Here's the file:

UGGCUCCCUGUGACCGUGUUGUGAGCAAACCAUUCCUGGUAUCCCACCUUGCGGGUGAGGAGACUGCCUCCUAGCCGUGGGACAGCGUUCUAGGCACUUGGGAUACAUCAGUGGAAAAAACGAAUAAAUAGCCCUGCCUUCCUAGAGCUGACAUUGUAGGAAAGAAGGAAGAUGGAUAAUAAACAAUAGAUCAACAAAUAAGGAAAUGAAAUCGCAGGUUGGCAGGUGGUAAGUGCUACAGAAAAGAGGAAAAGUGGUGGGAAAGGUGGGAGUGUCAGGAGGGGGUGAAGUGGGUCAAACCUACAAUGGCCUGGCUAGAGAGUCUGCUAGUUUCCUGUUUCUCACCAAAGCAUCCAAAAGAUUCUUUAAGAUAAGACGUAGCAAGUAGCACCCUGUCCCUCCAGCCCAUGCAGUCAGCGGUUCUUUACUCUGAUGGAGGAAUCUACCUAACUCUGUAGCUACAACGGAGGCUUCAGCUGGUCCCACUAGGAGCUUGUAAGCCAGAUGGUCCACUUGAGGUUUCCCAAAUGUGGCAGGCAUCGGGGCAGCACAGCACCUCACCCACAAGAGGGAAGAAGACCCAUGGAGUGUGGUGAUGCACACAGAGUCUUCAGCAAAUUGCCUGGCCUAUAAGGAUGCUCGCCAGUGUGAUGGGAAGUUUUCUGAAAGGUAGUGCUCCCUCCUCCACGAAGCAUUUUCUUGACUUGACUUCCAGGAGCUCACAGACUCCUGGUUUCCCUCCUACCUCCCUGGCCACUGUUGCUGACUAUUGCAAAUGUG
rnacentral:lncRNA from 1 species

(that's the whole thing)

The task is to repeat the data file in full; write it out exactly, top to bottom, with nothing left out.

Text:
UGGCUCCCUGUGACCGUGUUGUGAGCAAACCAUUCCUGGUAUCCCACCUUGCGGGUGAGGAGACUGCCUCCUAGCCGUGGGACAGCGUUCUAGGCACUUGGGAUACAUCAGUGGAAAAAACGAAUAAAUAGCCCUGCCUUCCUAGAGCUGACAUUGUAGGAAAGAAGGAAGAUGGAUAAUAAACAAUAGAUCAACAAAUAAGGAAAUGAAAUCGCAGGUUGGCAGGUGGUAAGUGCUACAGAAAAGAGGAAAAGUGGUGGGAAAGGUGGGAGUGUCAGGAGGGGGUGAAGUGGGUCAAACCUACAAUGGCCUGGCUAGAGAGUCUGCUAGUUUCCUGUUUCUCACCAAAGCAUCCAAAAGAUUCUUUAAGAUAAGACGUAGCAAGUAGCACCCUGUCCCUCCAGCCCAUGCAGUCAGCGGUUCUUUACUCUGAUGGAGGAAUCUACCUAACUCUGUAGCUACAACGGAGGCUUCAGCUGGUCCCACUAGGAGCUUGUAAGCCAGAUGGUCCACUUGAGGUUUCCCAAAUGUGGCAGGCAUCGGGGCAGCACAGCACCUCACCCACAAGAGGGAAGAAGACCCAUGGAGUGUGGUGAUGCACACAGAGUCUUCAGCAAAUUGCCUGGCCUAUAAGGAUGCUCGCCAGUGUGAUGGGAAGUUUUCUGAAAGGUAGUGCUCCCUCCUCCACGAAGCAUUUUCUUGACUUGACUUCCAGGAGCUCACAGACUCCUGGUUUCCCUCCUACCUCCCUGGCCACUGUUGCUGACUAUUGCAAAUGUG
rnacentral:lncRNA from 1 species